I've been reading Dekker for years - he is one of the few decent Christian authors. He is a very good writer and he can really get into the mind of the characters. With other books, Dekker has woven an intense story around a Christian theme that has made me look at things in a different way. The theme was cleverly disguised as a suspense novel. The Bride Collector, however, I found to be predictable and lacking subtlety.
I think one of Ted Dekker's strengths as an author is his ability to get into the heads of his characters, and this book is no exception. His characterization, particularly of Paradise, was exceptional. I was able to relate to her on so many levels, and that was the hook for me in this book.
I found the plot to be a little mundane and predictable. In previous novels, there were twists and turns and unexpected wow moments that made those books difficult to put down. Although this book is still suspenseful, it lacked those unusual turns and I was easily able to read it over several days. It didn't capture me - it was just another book to read that was fairly interesting, but not memorable.
As a Christian author, the themes of Dekker's books tend to be about the forces of good and evil, the love of God, etc. This book has similar themes, but I felt like they were kind of tacked instead of subtly being the backbone of the story. There was no discovery, it was just thrown in front of you. This was the most disappointing part of the book for me. I am used to his books changing me with astounding insight. The Bride Collector - not so much.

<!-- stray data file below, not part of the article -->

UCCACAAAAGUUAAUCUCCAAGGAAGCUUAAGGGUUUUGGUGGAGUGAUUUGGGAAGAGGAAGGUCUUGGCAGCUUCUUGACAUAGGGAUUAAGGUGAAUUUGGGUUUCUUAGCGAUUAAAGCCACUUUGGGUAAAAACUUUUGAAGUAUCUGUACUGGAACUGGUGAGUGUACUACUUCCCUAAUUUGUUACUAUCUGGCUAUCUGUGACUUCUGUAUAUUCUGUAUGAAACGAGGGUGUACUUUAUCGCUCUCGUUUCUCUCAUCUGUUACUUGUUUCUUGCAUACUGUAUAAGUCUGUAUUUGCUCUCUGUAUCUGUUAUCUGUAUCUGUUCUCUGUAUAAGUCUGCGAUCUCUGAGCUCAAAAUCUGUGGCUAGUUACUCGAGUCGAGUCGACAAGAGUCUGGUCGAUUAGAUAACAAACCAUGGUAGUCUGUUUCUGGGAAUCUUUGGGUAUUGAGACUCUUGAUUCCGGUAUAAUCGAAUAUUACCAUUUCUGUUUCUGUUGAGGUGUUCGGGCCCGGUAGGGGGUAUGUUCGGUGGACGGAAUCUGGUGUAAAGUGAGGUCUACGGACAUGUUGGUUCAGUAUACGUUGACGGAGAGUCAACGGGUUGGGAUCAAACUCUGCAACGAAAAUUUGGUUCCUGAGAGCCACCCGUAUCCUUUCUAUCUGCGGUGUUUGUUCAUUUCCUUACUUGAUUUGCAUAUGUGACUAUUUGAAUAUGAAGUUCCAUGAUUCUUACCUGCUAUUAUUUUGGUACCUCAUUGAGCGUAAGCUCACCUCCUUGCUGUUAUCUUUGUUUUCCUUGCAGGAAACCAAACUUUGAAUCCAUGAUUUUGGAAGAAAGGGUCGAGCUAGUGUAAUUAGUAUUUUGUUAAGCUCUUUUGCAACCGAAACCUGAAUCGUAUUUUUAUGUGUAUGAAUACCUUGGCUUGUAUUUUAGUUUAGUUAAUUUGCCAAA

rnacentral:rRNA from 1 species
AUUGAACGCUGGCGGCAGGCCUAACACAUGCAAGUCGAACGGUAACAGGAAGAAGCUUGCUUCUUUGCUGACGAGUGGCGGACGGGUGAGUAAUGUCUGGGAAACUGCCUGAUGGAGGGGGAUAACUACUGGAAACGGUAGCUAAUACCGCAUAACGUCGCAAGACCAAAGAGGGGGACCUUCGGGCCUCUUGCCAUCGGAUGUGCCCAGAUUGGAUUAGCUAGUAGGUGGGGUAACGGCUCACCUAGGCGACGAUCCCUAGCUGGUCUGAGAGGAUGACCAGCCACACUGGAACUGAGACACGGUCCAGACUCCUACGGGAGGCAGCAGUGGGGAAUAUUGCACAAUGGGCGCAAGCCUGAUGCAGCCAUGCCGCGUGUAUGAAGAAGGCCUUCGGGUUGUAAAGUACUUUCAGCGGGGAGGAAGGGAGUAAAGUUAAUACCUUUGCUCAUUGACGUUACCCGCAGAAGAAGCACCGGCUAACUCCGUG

Overall, it is still very well written, suspenseful but not too gory, and a good read. But if you have read Ted Dekker's other books, I think this one is not as thought provoking. If you don't read him regularly, you may find the Christian theme trite.
I have read many thrillers over the years by Jeffery Deaver, Patricia Cornwell, John Sandford and others and, while I love the genre, thrillers can tend to be rather formulaic and often push too far beyond the realm of believability. This was my first book by Ted Dekker and, while certainly there are plenty of "out there" elements to the story, it never got to the point where I was irritated by it as I have been with some books of this genre. The thing I liked … more
This is the first Dekker book I've read, and I'm not sure I'll pick up another. Though the plot has lots of wonderful elements, they never really gel into a thriller in this book- I get more chills from an episode of Criminal Minds. Though Raines was an interesting and well-drawn character, I never really warmed to Paradise or bought into their interactions. The other patients at the hospital are interesting, more interesting than the spiritual questions they raise for Raines, but do seem to have … more
It took me a while to finish this book. It's not because I hated the book or the author. I adore Ted Dekker's books. And I enjoyed the story. I was just completely creeped out by the story. Not in a scared to death that I can't go to sleep way but in a "Blargh, I want to throw up because I feel creepy crawlies running up my arm" way. I have discovered that I really don't like stories that involve psychotic killers who have mental problems. My guess is that I don't like how there is no reason for … more